For those of you who were at our Penang Half Day workshop this past weekend, you would have definitely seen this bubbly person out and about! To reboot our Connecting with Facis section, we will be introducing the core committee members first and there is nobody else better to start with than Carmen!
Ready? Let’s get to know Carmen better!
Hey there! At five feet tall with a chronic sweet tooth, I’m a rising sophomore freshman at Carnegie Mellon University pursuing a major in Statistics and most likely an additional major in French. The first year of my undergraduate studies has reinforced my sense of independence and perseverance, has elucidated the importance of making the best of
what you have and has taught me never to underestimate and underrate an aromatic and delicious glass of piping hot teh tarik.
What did you do in high school?
I was president of the school orchestra in which I played the cello, sub-editor of the Editorial Board, vice president of the Board of Peer Counsellors and vice president of the Career Club. During my high school days, I spent most of my time reading and writing. Looking back, I did much more during high school than I did now (or so it seems) and I still had more free time then that I ever do now!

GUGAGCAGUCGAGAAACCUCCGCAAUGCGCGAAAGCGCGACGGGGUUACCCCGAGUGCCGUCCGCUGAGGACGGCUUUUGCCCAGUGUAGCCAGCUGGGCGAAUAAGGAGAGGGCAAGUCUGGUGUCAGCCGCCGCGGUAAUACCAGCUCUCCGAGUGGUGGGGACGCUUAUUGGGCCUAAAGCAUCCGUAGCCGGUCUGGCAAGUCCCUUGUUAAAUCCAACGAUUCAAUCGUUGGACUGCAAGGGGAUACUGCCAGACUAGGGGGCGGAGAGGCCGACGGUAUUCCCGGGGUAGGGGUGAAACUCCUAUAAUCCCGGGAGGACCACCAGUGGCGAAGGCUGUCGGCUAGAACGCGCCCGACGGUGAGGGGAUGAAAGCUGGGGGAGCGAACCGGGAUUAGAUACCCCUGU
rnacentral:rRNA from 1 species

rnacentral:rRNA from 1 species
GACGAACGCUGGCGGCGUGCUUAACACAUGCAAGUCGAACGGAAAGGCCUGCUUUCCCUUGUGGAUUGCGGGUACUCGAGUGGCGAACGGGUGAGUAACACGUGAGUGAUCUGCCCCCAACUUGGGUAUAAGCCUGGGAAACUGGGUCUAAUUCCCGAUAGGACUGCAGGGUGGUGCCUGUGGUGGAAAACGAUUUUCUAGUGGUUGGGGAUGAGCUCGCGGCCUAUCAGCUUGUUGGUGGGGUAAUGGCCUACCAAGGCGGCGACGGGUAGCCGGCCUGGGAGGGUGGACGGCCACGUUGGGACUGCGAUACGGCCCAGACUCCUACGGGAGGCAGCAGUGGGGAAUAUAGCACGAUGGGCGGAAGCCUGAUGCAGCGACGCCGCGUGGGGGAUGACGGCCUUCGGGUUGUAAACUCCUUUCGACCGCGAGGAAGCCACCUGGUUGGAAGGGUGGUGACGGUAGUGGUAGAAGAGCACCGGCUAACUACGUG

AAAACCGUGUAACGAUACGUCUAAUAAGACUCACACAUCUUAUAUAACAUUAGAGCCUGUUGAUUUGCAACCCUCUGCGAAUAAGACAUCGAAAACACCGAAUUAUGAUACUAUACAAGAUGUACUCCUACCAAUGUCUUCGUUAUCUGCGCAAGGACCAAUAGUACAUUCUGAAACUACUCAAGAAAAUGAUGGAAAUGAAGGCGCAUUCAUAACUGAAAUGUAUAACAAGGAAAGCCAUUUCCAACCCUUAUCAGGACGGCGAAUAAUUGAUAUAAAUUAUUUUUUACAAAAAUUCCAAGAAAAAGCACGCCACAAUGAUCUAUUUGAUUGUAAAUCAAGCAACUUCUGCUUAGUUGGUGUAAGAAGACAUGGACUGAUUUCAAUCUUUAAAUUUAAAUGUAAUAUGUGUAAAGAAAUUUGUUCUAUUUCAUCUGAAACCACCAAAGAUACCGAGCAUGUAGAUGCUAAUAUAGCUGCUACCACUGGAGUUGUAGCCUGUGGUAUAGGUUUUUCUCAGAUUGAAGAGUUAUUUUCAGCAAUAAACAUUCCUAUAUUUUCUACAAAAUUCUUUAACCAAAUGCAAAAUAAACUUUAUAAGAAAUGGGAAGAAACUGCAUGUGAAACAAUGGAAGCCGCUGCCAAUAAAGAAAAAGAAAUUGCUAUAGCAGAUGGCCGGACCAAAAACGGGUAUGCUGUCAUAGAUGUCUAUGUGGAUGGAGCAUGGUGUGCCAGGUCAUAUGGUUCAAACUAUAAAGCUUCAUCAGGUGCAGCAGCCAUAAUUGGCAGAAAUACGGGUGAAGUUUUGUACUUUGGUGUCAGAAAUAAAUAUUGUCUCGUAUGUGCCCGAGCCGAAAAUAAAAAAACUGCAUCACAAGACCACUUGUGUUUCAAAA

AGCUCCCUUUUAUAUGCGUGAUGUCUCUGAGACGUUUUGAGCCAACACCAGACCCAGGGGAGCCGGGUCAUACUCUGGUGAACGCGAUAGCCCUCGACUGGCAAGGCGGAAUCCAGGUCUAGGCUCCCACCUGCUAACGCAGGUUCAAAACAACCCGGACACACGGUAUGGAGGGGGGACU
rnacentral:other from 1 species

Why did you choose to apply to the US?
I first found out about the liberal arts education system from the USAPPS 2010 Penang workshop held in INTI International College Penang. From then on, the American education system has always intrigued me in its focus of breadth and depth. While this may be nothing new, it has always been an important reason that many of us are in love with the American education system. I mean, where else can you learn about Voltaire and Newton while pursuing a degree that has nothing to do with either of them?
What is your favorite college class so far?
Having experienced only two semesters of college doesn’t make it any easier to choose a favorite class, but I guess I would go with a French class I took, The Francophone World. I’m geographically-challenged, and I (still) cannot place Mauritius and Egypt on the world map even if my life depended upon it. This class exposed my ignorance of the world I am living in, and it has taught me so much, particularly with regard to language, politics and culture of the Francophone countries. It is one of those classes whereby I wished lectures were much longer than 50 minutes each!